Sunday, February 21, 2010

"Coolest Professor"

This weekend I went to Homecoming festivities for the university where I work. This year, rather than random events planned by each college, "tailgating" was determined to be the thing to do. In previous years, my college had done a "wine and cheese" event that was sparsely attended at best.

We don't have a football team, so any type of homecoming revolving around a game of any kind has to be basketball or baseball. Basketball it is! Consequently, homecoming is in February. Feels so incredibly odd to me. And, since it is February, you never know exactly what the weather will be. Cold, usually. Last weekend it snowed.

This weekend, however, was a balmy 66 degrees in the afternoon.

I wasn't sure that I would make it to "Tent City" - my ex-husband was a bit late picking up the girls, and I had some other things to take care of, but around 1:00 I headed over there thinking the event would be winding down. I couldn't have been more wrong! Hot dogs, chips, drinks, and a handful of my colleagues were at the College of Education tent. I spent the afternoon kicking back with my colleagues, eating, drinking beer, and just enjoying the fabulous weather. I even got sunburned? Yeah. I did. I took off the sweater I was wearing over my camisole and soaked up the sun for several hours. February! Who knew?

We didn't have a huge alumni turnout, but some of my students came by, including a group of seniors and a group of juniors. The juniors asked me to get in a picture with them, and I was highly amused when I came home to find that the picture had been uploaded to facebook and the caption was "Coolest professor ever... hands down." The seniors [not in my cohort] and I had a grand time talking. And one of them, after awhile, asked, "Do you have a tattoo?" To which I said, "No, why?" She then replied, "Of all of our professors, you seem most likely to." My response was, "Really??"

Basically, though, from conversations I've had, etc, this particular group of students sees me as real.

And I find that intriguing.

Why wouldn't we be real? There's still a power differential, certainly, but shouldn't there be an effort on both students and professors to get to know one another? Don't we teach about the importance of relationship and knowing the community where we teach? Why wouldn't I do the same thing?

On the other hand, while I've had students tell me how "good" I am, etc (although I would venture to say that cohorts PRIOR to these groups have a different view of me - no way I would have had a tattoo in their eyes), since I began teaching here, I do worry about the line. We're all available for our students, and we all care about our students, but it does seem that I get more invested in them than a number of our faculty. I worry sometimes that I get "too" invested. And I don't care about being the "coolest" - in some ways that implies "slack," and I know that isn't the case.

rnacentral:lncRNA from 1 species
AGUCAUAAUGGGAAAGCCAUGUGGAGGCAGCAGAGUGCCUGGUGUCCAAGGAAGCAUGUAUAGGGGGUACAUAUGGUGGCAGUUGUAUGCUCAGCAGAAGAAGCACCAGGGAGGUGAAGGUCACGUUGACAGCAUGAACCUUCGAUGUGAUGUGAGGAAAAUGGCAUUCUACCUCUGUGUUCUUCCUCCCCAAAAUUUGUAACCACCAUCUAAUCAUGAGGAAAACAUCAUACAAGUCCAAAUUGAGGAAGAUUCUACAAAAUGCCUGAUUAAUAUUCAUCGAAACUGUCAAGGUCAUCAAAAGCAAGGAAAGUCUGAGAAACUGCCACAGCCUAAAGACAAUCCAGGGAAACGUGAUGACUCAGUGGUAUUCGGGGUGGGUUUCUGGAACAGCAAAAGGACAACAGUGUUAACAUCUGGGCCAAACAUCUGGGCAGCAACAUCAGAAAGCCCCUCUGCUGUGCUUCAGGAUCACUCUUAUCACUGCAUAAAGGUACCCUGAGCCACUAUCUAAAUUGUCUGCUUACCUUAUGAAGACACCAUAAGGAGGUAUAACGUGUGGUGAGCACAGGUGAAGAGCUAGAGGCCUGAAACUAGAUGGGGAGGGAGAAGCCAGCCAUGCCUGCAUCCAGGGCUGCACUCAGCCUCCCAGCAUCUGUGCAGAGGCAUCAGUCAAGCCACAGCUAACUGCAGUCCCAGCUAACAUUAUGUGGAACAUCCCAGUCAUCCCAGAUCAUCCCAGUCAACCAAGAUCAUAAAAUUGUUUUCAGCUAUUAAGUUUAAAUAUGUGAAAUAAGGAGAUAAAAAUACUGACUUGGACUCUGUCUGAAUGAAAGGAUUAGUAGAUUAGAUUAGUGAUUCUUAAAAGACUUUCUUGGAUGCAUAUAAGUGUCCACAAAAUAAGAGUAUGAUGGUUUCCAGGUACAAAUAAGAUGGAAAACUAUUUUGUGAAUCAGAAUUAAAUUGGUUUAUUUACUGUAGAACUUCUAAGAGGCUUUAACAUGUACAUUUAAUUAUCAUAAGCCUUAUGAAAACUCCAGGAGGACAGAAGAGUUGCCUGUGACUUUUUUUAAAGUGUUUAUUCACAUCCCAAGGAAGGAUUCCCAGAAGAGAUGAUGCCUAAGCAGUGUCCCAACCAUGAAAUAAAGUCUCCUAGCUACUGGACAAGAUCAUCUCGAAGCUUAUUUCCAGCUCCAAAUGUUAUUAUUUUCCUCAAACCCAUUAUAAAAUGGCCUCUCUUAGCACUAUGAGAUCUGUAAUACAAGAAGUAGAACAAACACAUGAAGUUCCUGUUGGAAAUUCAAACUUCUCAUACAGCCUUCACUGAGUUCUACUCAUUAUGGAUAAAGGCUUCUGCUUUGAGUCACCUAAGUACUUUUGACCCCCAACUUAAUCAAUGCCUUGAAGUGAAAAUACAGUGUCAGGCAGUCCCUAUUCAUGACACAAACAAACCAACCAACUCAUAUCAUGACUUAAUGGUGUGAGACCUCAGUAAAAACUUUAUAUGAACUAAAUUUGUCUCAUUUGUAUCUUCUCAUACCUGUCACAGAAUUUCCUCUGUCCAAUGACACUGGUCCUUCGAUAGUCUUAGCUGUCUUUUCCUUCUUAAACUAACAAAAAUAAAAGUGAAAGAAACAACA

Meanwhile, this "cool"/"real" professor loves her job. How could I not?

And no. No tattoo. Yet.

Tuesday, February 16, 2010


Since I was in college, I've practiced giving up something at Lent - it's not something required by any religious denomination I've ever been a part of... it's just something I've chosen to do. The girls and I talk about it, too, and it always intrigues me what they give up.

DD1 has decided to give up lip gloss? Wow, has she become a tweenager. Last year she gave up chocolate.

DD2 can't decide yet, but I THINK she's going to give up leaving her room messy. She cracks me up.

As for me, it's been a hard call. Last year I gave up soft drinks and chocolate, but gave myself an out if I had a migraine. Sure enough, with 3 days to go I had a migraine, so I started downing coke trying to kick it.

I believe I've finally settled on sweets, desserts and candy - all of which I eat way too much of. I thought about giving up facebook, but decided against that because it is the main vehicle my students use to communicate with me. It has become a horrible temptation at times, as I have a tendency to follow bread crumbs with people and what they are willing to put out for public consumption, particularly at night when I'm allowing inertia to win rather than go to bed. It has caused me some unnecessary grief, exhaustion, not to mention hours of time in front of the computer that I don't need to be spending. Anyway, instead of giving it up entirely, I'm limiting my time on it as well as news feed prompts and my profile only. Sounds crazy in some ways, but makes perfect sense in my little world.

We'll see how it goes. Tomorrow.

Not tonight. :)

Today's Favorite Quote

Came across this in my reading today: